‘We Own This City’ on HBO is an ambitious, uneven companion to ‘The Wire’

The first two episodes of HBO’s new police drama “We Own This City” feature a dead man riddled with bullets. In an alley and a drug lord whose wares seem to be leaving a trail of bodies, but the real mystery is something else entirely. the miniseries takes its title from a statement delivered not by criminals but by a Baltimore cop, Wayne Jenkins (Jon Bernthal), who rises through the ranks while planting drugs, committing assaults, robbing lawbreakers and ordinary citizens alike, and shows his fellow officers how to get away with anything. The big question is not what he did, but why his superiors considered him their “golden boy” and turned a blind eye to his misdeeds for almost a decade and a half.

Adapted by David Simon and George Pelecanos from the nonfiction book by former Baltimore Sun reporter Justin Fenton. We own this city” is a spiritual sequel to “The Wire,” exposing and deploring the institutional rot that makes reform nearly impossible. Freddie Gray’s name is invoked early and often, though less as a victim of police brutality than as a temporary marker after which law enforcement became even more entrenched against reform as residents grew increasingly suspicious of them. In the opening scene.

Jenkins stands at a lectern, dissuading other officers from using excessive force, and in the next scene, he threatens to hit someone with a baseball bat. According to the show, the only real gain for the political energy around the police in recent years might be their newfound ability to repeat the talking points the public wants to hear.

Showrunner Pelecanos shows no shortage of ambition. “We Own This City” is a portrait of how police corruption destroys a city: emptying its coffers to pay settlements, disillusioning citizens with their leaders and institutions, and encouraging officers to act without regard to law or morality.

Baltimore is his case study, but as one of the show’s preachy monologues makes clear, a Jenkins could happen anywhere. That impression is reinforced by the series’ similarities to “The Shield,” the FX crime thriller that was inspired by the Rampart scandal in late ’90s Los Angeles.

By 2017, Jenkins is the leader of the Gun Trace Task Force (GTTF), a rogue unit within the Baltimore police department that ostensibly focuses on drug crimes. The elite squad is made up of some of the worst criminals in the city. Several of his officers have already been disciplined by internal affairs for misconduct, such as opportunist Jemell Ryan (a scene-stealing Darrell Britt-Gibson).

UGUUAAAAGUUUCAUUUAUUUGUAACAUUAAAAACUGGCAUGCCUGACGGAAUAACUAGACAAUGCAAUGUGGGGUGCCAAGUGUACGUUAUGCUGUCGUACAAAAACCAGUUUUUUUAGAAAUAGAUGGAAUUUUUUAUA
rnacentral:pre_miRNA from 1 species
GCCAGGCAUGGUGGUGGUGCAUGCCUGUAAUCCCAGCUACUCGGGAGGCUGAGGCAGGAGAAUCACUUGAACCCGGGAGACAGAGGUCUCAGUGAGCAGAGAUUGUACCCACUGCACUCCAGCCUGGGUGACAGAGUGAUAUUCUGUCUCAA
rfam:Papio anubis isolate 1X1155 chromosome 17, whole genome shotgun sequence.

Others are on a list of cops who are no longer allowed to testify in court due to their history of perjury, like bellicose, born-to-intimidate Daniel Hersl (Josh Charles playing the guy). Others openly aspire to live like their criminal associates, like the braggart Momodu “G Money” Gondo (McKinley Belcher III).

GTTF’s job was to get guns off the streets of Baltimore. These cops admitted to stealing drugs and cash instead.

Like other programs by Simon and Pelecanos, “We Own This City” is not a particularly attractive world to enter. There are dozens of characters (some played by familiar faces from “The Wire”), and the scripts are full of statistics and unexplained jargon and acronyms. The first few chapters are especially, and to be frank, unnecessarily opaque, jumping between timelines with little payoff. The rest of the deliveries are structured around Interviews, either by the pair of investigators working to take down the GTTF or by the federal civil rights attorney (Wunmi Mosaku) hoping to make the case for further reform of the BPD through a consent decree.

“We Own This City” is closer to a Simon-Pelecanos also directed than another masterpiece to “The Wire”. (The look of this series, from “King Richard” director Reinaldo Marcus Green, is very reminiscent of its predecessor drab realism.) Indeed, six hours may not be a large enough canvas for everything the writers want to accomplish, especially their efforts to shoehorn in observations about how policing has changed after Gray’s death in 2015. Interviewers get dirty cops’ confessions a little too easily, though, satisfactorily, there’s no honour among thieves, Jenkins’ reckless squandering of robberies causes unexpected self-disgust among his troops. The series may be most effective when investigators speak to victims of the GTTF chaos, as the human toll of police brutality on ordinary people mounts.

HBO’s ‘We Own This Town’: An Interview with David Simon and George Pelecanos.

“The Wire” is mostly praised today for its overview of law enforcement and civic necrosis that makes effective policing a Sisyphean task, but as fans know, it also featured superbly crafted characters and countless actors with amazing charisma. The performances here are okay, but not especially noteworthy, given how little screen time is allotted to any one member of the huge ensemble.

(In addition to Britt-Gibson, the standout is Jamie Hector, best known as the villainous Marlo on “The Wire,” who plays a homicide detective worried that his years working alongside Jenkins will taint his career.) Perhaps Simon and Pelecanos wanted to avoid the trap he caught “The Shield” – Viewers identified with the repulsive leading man, with many rooting for Michael Chiklis’s Vic Mackey for continuing to outsmart everyone around him despite his bottomless depravity.

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